Travelled 4.1 miles, worked 7 locks in a time of 2 hours 35 minutes.
With the weather forecast set to be dire, with snow and freezing temperatures, we made the decision to we would move up through the flight, as I did not fancy doing the locks in freezing conditions and a wind chill of –7 c. Before heading off at 9.05 am, Keith cooked us breakfast, whilst I took Paddy for his walk. On our return I got both the fires stoked up and breakfast was enjoyed. Wrapped up again the chill and the snow flurries, I walked to the first lock, whilst Keith moved the boat.
We were not the only ones enjoying the snow flurries, walkers and fishermen were out on Mother’s Day. Yes it is Mother’s Day, I hope you have all remembered?
It did not take us long to get to the top of the flight, I was lovely and warm as I had worked the locks and walked the flight.
I love the lock cottage, it always makes me think of “The Bargee”, because this featured a lot in the film.
Bulbourne Dry Dock Lock, the home of Bates Boatyard and Dry Dock.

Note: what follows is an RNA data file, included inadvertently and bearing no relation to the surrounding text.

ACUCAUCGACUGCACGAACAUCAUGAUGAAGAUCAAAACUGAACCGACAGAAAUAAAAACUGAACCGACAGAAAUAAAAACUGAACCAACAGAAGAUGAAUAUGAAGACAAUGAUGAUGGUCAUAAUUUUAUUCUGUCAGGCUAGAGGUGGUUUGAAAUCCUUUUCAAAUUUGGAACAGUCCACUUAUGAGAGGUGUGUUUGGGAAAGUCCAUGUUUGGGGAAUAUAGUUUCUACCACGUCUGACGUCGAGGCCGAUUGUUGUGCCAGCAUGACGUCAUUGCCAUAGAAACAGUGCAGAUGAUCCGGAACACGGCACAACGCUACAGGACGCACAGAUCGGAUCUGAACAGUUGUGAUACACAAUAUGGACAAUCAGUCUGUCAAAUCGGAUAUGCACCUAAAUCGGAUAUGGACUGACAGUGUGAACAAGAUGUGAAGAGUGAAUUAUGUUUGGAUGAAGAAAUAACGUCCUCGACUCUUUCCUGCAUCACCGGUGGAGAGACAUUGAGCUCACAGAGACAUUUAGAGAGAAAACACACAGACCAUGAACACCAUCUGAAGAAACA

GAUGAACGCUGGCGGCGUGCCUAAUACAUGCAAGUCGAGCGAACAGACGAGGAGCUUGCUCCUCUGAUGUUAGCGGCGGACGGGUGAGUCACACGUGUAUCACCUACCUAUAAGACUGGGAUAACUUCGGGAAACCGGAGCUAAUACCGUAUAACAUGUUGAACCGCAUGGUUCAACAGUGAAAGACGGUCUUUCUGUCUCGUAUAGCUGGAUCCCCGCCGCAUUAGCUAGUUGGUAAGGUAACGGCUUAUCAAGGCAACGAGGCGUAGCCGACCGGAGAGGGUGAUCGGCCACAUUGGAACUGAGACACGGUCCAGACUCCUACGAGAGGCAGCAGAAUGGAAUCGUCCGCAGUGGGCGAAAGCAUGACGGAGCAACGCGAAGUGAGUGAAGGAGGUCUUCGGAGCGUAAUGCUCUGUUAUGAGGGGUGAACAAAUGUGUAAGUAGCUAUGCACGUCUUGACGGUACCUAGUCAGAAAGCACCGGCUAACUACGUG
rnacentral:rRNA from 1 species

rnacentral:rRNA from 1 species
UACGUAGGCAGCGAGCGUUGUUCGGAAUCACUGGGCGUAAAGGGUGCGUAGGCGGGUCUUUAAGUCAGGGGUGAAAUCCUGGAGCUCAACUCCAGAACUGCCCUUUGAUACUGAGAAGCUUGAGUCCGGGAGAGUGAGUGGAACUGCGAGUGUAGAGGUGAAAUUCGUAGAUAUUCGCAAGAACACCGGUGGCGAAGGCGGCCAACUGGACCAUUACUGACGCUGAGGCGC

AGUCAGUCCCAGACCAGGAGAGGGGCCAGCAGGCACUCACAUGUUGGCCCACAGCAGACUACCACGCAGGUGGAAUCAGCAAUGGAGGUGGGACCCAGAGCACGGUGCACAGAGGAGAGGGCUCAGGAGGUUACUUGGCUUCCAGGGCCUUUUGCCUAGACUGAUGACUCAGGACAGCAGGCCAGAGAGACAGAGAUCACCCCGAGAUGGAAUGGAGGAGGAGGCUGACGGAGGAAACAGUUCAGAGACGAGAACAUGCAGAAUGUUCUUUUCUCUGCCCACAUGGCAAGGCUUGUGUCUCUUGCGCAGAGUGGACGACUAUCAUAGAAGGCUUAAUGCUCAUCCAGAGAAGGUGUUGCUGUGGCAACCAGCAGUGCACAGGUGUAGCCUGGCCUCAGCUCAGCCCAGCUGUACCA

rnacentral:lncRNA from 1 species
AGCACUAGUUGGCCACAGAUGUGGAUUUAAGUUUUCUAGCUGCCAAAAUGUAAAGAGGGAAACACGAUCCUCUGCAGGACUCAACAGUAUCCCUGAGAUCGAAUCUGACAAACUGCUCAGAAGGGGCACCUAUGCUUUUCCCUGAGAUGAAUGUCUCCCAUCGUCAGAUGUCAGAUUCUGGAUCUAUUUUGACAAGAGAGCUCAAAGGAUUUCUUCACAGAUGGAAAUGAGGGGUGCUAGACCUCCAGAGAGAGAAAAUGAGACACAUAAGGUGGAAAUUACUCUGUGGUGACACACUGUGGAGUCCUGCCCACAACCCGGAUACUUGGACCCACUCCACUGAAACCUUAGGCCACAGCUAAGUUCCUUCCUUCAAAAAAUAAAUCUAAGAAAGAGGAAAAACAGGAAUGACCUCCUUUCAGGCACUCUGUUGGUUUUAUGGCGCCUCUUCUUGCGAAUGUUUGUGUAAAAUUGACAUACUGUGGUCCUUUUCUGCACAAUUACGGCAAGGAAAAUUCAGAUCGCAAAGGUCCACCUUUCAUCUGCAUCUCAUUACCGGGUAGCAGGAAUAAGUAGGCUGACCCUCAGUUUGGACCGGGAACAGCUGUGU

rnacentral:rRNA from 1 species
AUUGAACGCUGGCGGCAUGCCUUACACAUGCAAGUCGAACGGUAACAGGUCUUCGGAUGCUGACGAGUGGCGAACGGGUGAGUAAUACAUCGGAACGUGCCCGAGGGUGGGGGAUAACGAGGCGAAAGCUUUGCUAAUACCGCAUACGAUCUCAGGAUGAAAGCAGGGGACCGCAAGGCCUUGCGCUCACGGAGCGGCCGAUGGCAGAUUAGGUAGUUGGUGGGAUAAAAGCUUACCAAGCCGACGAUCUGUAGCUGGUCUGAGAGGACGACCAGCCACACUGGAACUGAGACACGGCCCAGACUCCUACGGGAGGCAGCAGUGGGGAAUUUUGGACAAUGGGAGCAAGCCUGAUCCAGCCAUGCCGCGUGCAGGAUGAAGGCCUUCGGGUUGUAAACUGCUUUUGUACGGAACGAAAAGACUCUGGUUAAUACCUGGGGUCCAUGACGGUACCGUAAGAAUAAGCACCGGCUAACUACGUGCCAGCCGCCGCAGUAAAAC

Bulbourne was extremely quiet, none of the Winter Moorings had any boats on them.
Still a working piece of history.
We stopped above Cowroast Lock to take on water. CowRoast Lock gets its name from cow rest, because in a bygone age drovers used to pen their cattle here on their way to London.
Having descended the lock we moored up just below it, locked the boat up and headed for a handy garage to buy some bread and a couple of bars of Chocolate, after all it is Mother’s Day, so this is my present to myself, which will be enjoyed whilst watching England against Italy in the 6 nations Rugby. Come On England.
News on the bear. Thank you for your name suggestions, I will be drawing a name out of the hat later.